Plastic waste kills a person every 30 seconds in developing countries
Research led by the Christian charity group Tearfund has revealed that plastic waste is responsible for a death every 30 seconds in the developing world. Sir David Attenborough, the vice-president of Fauna & Flora International, referred to plastic pollution as an “unfolding catastrophe.”
The researchers found that between 400,000 and a million people die each year from diseases such as cancer caused by living in close proximity to mismanaged plastic waste.
The plastic garbage serves as a breeding ground for mosquitoes, flies, and rats, which can carry malaria and dengue fever. Plastic waste also accumulates in waterways and causes flooding that can spread waterborne diseases.
Children who are exposed to the plastic pollution are twice as likely to get intestinal bugs like cholera, which is extremely dangerous and often deadly.
Single-use plastics shipped from wealthy countries are a major contributor to the issue. The researchers said that Britain alone exports 650,000 tons of plastic waste every year to countries like Malaysia and Indonesia.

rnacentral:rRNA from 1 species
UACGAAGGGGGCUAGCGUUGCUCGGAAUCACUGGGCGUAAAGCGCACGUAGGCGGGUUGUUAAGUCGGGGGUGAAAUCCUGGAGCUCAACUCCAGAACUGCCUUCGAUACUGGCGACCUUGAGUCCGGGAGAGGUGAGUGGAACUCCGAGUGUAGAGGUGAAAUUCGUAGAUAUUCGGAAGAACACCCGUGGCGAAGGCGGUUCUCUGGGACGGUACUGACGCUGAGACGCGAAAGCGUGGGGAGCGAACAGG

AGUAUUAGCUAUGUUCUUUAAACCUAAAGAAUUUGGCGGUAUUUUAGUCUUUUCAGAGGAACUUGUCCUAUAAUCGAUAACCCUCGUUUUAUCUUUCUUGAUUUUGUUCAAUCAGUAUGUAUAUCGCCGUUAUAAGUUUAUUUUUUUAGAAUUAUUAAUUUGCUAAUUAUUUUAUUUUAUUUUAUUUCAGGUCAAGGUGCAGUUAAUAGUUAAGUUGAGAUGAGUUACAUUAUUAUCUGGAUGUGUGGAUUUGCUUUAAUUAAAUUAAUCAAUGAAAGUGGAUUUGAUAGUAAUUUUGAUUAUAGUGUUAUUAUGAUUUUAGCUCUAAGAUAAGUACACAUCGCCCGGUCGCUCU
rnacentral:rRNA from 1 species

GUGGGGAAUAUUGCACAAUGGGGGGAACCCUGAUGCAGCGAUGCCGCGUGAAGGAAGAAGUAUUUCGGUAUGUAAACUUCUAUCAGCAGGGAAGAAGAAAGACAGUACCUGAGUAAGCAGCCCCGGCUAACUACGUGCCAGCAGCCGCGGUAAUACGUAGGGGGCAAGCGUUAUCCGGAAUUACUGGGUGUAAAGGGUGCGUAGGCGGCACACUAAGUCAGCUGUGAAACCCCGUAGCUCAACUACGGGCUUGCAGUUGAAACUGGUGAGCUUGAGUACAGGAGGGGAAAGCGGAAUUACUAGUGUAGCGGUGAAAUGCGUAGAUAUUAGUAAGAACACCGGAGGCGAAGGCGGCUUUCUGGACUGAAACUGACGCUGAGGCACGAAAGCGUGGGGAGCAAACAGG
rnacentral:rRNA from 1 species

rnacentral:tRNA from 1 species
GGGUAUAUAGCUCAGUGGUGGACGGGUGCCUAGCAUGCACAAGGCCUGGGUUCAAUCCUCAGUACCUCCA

According to the report, “No Time to Waste,” a double-decker busload of plastic waste is burned or dumped in developing countries every second. The burning of plastic waste causes an estimated one-fifth of the 3.7 million deaths that are attributed to air pollution each year.
“This report is one of the first to highlight the impacts of plastic pollution not just on wildlife but also on the world’s poorest people,” said Sir Attenborough.
“It is high time we turn our attention fully to one of the most pressing problems of today – averting the plastic pollution crisis – not only for the health of our planet, but for the wellbeing of people around the world.”
The authors of the report are calling for international companies to cut the amount of single-use plastic products they produce in half by 2025. In addition, Tearfund is asking four major companies – Nestle, PepsiCo, Coca-Cola, and Unilever – to take responsibility for their plastic waste in developing countries.
The research was presented by Sir David Attenborough at a meeting of the Wall Street Journal CEO Council.
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